biochemical inputs is considerably less well developed in the WASAT than in
most Asian countries. Third, since land pressure is substantially lower in the
WASAT than in the Asian SAT, there is less immediate economic incentive to
intensify land use through the use of complementary cash inputs.
In short, the risk to farmers of adopting varieties that require good soil
moisture, high soil fertility, thorough soil preparation, and other aspects of
good management in order to outyield local varieties, may be unacceptable.
Such varieties are unlikely to be adopted on a wide scale in the near future,
though some may be suited to intensive development projects or to limited
At issue is the priority given to management-dependent high yields, to the
practical exclusion of other possible breeding goals. Moderate yield increases
and substantially greater stability could be achieved through breeding for re-
sistance to the most common pests and diseases, for greater resistance to
drought, and for improved seedling vigor. Development of varieties with a
wider range of agronomic characteristics, such as reduced crop cycle or modi-
fied plant structure, could also increase farmers' management options by open-
ing new intercrop or relay cropping possibilities, by permitting late planting
without yield loss, and by permitting cropping on the most drought-prone soils,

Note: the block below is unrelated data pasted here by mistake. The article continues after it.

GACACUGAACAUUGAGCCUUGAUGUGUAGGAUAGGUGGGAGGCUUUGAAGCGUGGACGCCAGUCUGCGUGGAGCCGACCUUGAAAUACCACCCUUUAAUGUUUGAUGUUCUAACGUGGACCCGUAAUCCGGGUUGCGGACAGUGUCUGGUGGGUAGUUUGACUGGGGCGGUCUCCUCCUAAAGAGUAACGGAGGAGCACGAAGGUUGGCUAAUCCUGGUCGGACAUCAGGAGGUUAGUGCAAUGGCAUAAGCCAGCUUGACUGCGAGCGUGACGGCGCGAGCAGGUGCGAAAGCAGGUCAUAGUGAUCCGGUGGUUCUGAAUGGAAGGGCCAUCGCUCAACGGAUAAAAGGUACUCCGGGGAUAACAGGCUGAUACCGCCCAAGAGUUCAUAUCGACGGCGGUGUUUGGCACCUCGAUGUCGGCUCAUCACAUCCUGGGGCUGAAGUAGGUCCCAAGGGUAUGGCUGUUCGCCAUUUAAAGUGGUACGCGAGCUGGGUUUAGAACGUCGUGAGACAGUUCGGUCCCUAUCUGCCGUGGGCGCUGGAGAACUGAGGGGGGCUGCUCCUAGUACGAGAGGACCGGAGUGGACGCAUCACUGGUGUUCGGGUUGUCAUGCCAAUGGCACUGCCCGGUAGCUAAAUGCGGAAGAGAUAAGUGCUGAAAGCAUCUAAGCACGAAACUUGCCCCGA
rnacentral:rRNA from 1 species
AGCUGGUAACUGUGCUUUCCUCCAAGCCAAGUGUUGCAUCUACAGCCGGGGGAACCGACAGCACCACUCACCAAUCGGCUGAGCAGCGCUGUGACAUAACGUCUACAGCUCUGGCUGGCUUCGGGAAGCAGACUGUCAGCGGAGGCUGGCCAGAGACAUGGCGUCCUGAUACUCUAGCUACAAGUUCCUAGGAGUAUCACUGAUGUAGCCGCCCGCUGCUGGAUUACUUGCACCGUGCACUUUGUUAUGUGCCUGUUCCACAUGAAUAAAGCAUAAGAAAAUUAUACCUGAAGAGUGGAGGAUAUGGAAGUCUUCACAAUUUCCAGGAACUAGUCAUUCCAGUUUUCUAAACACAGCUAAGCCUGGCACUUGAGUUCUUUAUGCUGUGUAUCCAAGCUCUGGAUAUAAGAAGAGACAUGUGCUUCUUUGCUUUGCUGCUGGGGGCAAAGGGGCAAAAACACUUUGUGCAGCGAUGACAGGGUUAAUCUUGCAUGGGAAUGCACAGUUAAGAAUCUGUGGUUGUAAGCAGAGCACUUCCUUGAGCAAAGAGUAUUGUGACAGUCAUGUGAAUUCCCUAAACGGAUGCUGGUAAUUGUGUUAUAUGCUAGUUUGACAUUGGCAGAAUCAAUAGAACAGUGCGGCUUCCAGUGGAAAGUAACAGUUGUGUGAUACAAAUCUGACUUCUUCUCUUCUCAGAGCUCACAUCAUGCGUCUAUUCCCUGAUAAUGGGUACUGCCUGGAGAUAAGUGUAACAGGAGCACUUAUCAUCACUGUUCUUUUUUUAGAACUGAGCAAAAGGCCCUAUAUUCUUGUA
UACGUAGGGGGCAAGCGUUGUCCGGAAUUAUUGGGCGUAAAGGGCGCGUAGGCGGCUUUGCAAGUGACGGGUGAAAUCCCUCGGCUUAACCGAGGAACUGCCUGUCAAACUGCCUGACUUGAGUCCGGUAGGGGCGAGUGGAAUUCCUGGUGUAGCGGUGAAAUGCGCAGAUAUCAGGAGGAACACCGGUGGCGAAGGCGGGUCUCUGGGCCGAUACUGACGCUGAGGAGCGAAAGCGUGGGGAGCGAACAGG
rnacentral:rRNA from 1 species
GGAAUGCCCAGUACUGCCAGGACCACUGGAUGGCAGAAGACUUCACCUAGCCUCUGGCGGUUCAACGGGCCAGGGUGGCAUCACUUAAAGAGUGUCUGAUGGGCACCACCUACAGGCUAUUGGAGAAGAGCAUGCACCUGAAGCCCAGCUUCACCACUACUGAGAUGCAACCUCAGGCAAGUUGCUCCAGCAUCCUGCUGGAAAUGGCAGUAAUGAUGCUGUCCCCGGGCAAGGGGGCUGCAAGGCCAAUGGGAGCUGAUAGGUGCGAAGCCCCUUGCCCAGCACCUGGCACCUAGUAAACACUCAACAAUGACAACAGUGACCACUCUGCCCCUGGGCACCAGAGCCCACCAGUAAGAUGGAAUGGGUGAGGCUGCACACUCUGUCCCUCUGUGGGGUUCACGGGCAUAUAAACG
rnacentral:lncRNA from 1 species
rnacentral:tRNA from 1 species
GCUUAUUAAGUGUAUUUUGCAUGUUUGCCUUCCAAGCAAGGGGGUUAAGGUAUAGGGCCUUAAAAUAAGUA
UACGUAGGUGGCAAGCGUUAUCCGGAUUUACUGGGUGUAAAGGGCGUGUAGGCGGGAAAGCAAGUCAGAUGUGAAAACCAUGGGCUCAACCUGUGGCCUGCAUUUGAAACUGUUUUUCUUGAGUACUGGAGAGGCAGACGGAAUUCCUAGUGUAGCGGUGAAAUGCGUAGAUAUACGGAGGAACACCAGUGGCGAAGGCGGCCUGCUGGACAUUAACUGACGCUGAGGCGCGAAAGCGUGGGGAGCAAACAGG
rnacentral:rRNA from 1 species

where moisture limitations reduce the growing period. It must be recognized,
however, that although such a strategy would achieve greater production sta-
bility it would likely have marginal impact in terms of aggregate production.
For the longer term, development of stable and more input-responsive
varieties or hybrids is clearly necessary for major breakthroughs in cereal
production. The shift will take time, however, and require major investments in
both agronomic research and improved input supply infrastructure.
It must be emphasized that achieving success in crop improvement
urgently requires greater interdisciplinary research at the farmers' level, in-
volving specialists in physiology, plant protection, agronomy, food science,
economics, and breeding. Greater a priori understanding is needed of the
physical and social environment into which new varieties are being fit (Stoop
et al. 1981; Oram 1977). Factors causing the yield gap between the research
station and the farmers' fields need to be identified and on-station objectives
and methods modified accordingly. Constraints and points of flexibility in
current production systems need to be identified so that management practices
can be adapted to new materials. Varietal selection should take into account
the desirable characteristics for storage, processing, and consumption, as well
as for production. This approach requires greater work with farmers at several
stages of the breeding effort, rather than at the final stage of preextension
screening as is conventionally done. A continuing, interactive relationship
with farmers to define appropriate breeding objectives and to test concepts and